The outcome describes what happens to the PC, not the NPC or abstract force (such as a mountain or storm at sea). In the above example the opposition comes from the Duke's faithful manservant, the Duke's sleeping daughter in whose room the wand is a held, and locks and traps. All of these provide the resistance, not one.

The GM narrates the fiction of what happens and in doing so determines the fate of any NPCs based on the 'stakes set for the contest'.

For example, a PCs declares that they are breaking into the merchant's house to steal his strongbox. At stake is escaping with the treasure. If the PC uses his sword fighting and the outcome is a victory the GM may describe the PC cutting down the Duke's manservant and intimidating the Duke's daughter into surrendering the wand. If the PC was using his Burglar keyword and the outcome is a victory the GM may describe him climbing through an open first-story window into the Duke's daughter's bedroom to steal the wand, whilst the Duke's daughter sleeps soundly in her room.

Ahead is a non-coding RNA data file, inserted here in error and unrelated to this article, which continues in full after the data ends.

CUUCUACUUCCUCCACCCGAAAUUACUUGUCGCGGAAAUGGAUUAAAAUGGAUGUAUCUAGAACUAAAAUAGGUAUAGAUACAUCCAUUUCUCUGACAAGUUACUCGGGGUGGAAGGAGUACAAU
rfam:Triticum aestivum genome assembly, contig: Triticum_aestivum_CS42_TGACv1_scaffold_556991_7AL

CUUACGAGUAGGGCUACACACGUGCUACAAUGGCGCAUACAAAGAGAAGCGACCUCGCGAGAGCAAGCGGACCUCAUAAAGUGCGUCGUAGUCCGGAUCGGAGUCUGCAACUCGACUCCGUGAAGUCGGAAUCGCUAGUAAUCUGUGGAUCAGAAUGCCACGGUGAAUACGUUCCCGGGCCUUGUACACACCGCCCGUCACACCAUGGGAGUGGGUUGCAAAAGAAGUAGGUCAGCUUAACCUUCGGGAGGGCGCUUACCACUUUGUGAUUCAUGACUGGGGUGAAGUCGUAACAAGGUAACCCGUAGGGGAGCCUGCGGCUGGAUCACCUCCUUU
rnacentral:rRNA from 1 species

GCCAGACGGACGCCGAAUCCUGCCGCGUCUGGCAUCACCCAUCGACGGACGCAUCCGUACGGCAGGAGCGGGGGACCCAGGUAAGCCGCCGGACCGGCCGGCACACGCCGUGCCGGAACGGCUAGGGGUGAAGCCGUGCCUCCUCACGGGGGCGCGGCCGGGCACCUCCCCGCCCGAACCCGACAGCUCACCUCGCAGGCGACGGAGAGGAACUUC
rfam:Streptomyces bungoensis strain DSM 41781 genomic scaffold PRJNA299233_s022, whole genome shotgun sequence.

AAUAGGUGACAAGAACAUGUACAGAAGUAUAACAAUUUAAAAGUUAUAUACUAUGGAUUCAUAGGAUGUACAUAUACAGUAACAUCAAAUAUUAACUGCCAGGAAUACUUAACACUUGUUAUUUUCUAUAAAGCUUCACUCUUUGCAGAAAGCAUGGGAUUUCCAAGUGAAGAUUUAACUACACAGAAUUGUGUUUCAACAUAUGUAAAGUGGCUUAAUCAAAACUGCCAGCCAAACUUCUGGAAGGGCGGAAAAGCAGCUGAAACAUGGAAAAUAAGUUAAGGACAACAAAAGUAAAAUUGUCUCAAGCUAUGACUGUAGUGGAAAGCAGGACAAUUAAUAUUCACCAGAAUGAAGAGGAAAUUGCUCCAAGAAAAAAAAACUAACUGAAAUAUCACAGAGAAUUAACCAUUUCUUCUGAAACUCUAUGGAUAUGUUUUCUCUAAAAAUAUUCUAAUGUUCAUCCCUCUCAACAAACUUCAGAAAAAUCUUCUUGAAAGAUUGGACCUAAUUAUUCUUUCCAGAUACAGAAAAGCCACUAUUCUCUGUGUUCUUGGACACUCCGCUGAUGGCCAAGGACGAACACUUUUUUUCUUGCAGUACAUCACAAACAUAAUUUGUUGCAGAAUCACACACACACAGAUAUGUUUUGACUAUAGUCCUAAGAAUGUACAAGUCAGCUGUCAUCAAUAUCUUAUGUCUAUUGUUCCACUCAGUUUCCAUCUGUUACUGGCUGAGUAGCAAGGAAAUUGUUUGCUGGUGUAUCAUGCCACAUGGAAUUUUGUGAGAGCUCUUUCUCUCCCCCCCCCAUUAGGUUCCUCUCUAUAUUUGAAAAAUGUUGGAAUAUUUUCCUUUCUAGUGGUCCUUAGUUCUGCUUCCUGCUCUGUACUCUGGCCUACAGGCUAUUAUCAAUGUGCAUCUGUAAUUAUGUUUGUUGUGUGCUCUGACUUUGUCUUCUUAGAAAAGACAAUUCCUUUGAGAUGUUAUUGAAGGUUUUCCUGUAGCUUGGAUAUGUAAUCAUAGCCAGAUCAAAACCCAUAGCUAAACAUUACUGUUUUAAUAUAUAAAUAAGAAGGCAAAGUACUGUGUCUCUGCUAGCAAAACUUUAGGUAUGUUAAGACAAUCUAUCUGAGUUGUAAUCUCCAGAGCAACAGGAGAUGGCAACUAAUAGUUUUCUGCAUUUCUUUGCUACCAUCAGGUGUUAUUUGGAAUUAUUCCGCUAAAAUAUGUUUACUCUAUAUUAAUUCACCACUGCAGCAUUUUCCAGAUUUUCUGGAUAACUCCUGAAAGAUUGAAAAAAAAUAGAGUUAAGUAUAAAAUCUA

However, if the PC using Sword Fighting lost they didn't get the wand, as those were the stakes. But they are a 'hero not a zero' so we might narrate them as killing the Duke faithful manservant but not before he cried out, giving the Dukes' daughter time to barricade herself in the room, forcing the PC to flee before the watch arrived to investigate her cries. If the PC was using his Burglar then the GM might describe him climbing through the window, but being surprised by the Duke's daughter coming at him with a knife, being stabbed and falling out of the window before fleeing. In the latter case, interpreting the result as physical injury might be appropriate.

But in neither case did we need stats for the NPC, only the PC.

We don't want to use the result to 'figure out the damage' to the Duke's manservant or the Duke's daughter, we want to figure out if the PC grabbed the wand. So 'damage' or other consequences for the NPC is open to the GM to narrate, in keeping with the level of victory the PC achieved.

(By the way, it's worth framing contests to make failure interesting and generate more stories, so having the stakes being 'steal the wand' if the wand is vital to the next parts of the adventure is not useful and 'escaping with the wand' would be better stakes because failure would indicate hot pursuit.)

In addition, the nature of the HQG mechanics means we need little game text to describe conflict, just a fictional positioning such as 'Farandar will challenge anyone who doubts his honour to a duel'. As all abilities are mechanically similar what matters is any color used to describe the PC's opponents, their magic etc.